• A “K-hole” is a deeply dissociated state

How is it used? Smoked, intravenously, orally, inhaled

Why do people use ketamine? 

  • A “club drug”
  • Hallucinogen-like, visual illusions, distortion of body image

Acute effects:

  • Increase in blood pressure, hallucinations, anxiety, muscle rigidity, feelings of strength and special insights
  • Impaired motor skills, judgment, and speech

Chronic effects: Protracted psychosis similar to that seen with PCP

Withdrawal: None; craving can develop

Pregnancy/fetal issues: Neuronal death in the fetus seen in experimental studies


Farber NB, Olney JW. Drugs of abuse that cause developing neurons to commit suicide. Brain Res Dev Brain Res 2003;147:37-45.

Olney JW, Wozniak DF, Jevtovic-Todorovic V, et al. Drug-induced apoptotic neurodegeneration in the developing brain. Brain Pathol2002;12:488-498.


Substance Use Guidelines Committee, March 2009

What is marijuana?

  • Derived from the flowers and leaves of the Cannabis sativa plant
  • Hashish is the concentrated resin
  • Primary active ingredient is Δ9-THC, but a number of other chemicals are believed to have a role in its effects
  • Cannabinoids act on receptors that also respond to endogenous CNS ligands
  • Medically, marijuana has been found to increase appetite, reduce nausea, and relieve pain. Debate continues on efficacy and risk in comparison with other medications

Street names: Pot, weed, reefer, dope, joint, blunt

How is it used? Smoked or ingested orally

Why do people use it?

  • Euphoria
  • Relaxation
  • Perceptual alterations
  • Intensification of sensory experiences

Acute effects:

  • Increased heart rate
  • Impairment of short-term memory and motor skills
  • Increased appetite
  • Conjunctival injection
  • Sometimes anxiety and panic

Chronic effects:

  • Cannabis smokers may be at increased risk for chronic bronchitis and respiratory cancers
  • Most studies have not found any irreversible long-term effects on cognition, although debate continues
  • The possibility that use of marijuana at a young age raises the risk of schizophrenia is also under debate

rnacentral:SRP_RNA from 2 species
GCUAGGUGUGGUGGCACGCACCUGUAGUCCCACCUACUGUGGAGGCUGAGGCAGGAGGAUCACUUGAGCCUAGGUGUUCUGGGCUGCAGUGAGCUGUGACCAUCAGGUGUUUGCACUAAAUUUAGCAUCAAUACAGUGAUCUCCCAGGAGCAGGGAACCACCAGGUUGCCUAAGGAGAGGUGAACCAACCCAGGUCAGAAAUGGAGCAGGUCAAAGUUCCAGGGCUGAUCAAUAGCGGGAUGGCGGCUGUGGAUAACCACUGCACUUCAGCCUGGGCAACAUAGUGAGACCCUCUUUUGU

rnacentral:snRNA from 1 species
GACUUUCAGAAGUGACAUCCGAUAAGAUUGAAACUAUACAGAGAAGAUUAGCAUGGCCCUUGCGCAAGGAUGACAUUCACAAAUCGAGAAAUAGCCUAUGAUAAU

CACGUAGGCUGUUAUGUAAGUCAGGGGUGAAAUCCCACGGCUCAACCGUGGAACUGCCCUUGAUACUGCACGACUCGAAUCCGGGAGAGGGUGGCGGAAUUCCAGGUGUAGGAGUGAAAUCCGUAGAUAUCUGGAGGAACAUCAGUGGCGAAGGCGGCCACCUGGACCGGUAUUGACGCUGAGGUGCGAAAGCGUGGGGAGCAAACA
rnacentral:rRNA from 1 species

• Sleep and appetite disorders
  • Irritability and anxiety sometimes accompany abrupt cessation of chronic marijuana use

Pregnancy/fetal disorders:

  • No evidence of fetal malformations
  • Various inconsistent results include associations with lower birth weight and childhood cancers
  • Placental vascular abnormalities
  • Intrauterine fetal growth restriction

Campbell FA, Tramer MR, Carroll D, et al. Are cannabinoids an effective and safe treatment option in the management of pain? A qualitative systematic review. BMJ 2001;323:13-16. [Abstract]

Grant I, Gonzalez R, Carey CL, Natarajan L, et al. Non-acute (residual) neurocognitive effects of cannabis use: A meta-analytic study. J Int Neuropsychol Soc 2003;9:679-689.

Kalant H. Adverse effects of cannabis on health: An update of the literature since 1996. Prog Neuropsychopharmacol Biol Psychiatry 2004;28:849-863.

Pope HG Jr. Cannabis, cognition, and residual confounding. JAMA 2002;287:1172-1174.

Smith NT. A review of the published literature into cannabis withdrawal symptoms in human users. Addiction 2002;97:621-632. [Abstract]

Tramer MR, Carroll D, Campbell FA, et al. Cannabinoids for control of chemotherapy induced nausea and vomiting: Quantitative systematic review. BMJ 2001;323:16-21. [Abstract]

MDMA (Ecstasy)

Substance Use Guidelines Committee, March 2009

What is MDMA (Ecstasy)? It is a synthetic analogue of amphetamine

  • MDMA was first synthesized in 1912 and was used in psychotherapy in the 1970s
  • Recreational use began in the 1980s at which point it was classified as Schedule I
  • The FDA has approved a research protocol on the use of MDMA in post-traumatic stress disorder

Street names: Ecstasy, E, X

  • How is it used?
  • Ingested orally, intranasally; sometimes injected
  • Effects last 3-5 hours

Why do people use it?

  • Euphoria
  • Sensory enhancement
  • Empathy
  • Energy

Acute effects:

  • Increased heart rate, bruxism, tremor, anorexia, anxiety, dry mouth
  • Rarely: seizures, hyperthermia leading to disseminated intravascular coagulation (DIC), and organ failure
  • MDMA users are often advised to stay well hydrated; however, consuming large amounts of hypotonic fluids with MDMA has been documented to lead to hyponatremia (MDMA increases release of antidiuretic hormone)

Chronic effects:

  • Long-term damage to serotoninergic neurons in animal studies, but this has not been clearly shown in humans
  • Anecdotal evidence that chronic use leads to depression

Withdrawal: No withdrawal syndrome, but some people use compulsively

Pregnancy/fetal issues: No data that controls for other variables


Montoya AG, Sorrentino R, Lukas SE, et al. Long-term neuropsychiatric consequences of “ecstasy” (MDMA): A Review. Harv Rev Psychiatry 2002;10:212-220.

Pentney AR. An exploration of the history and controversies surrounding MDMA and MDA. J Psychoactive Drugs 2001;33:213-221.


Substance Use Guidelines Committee, March 2009

What is methamphetamine? Synthetic stimulant similar to cocaine but with longer period of effect

  • Use has spread from the west coast of the US to the east, particularly among MSM where it is associated with high-risk sexual activity

Street names: Crystal, Tina, speed, crank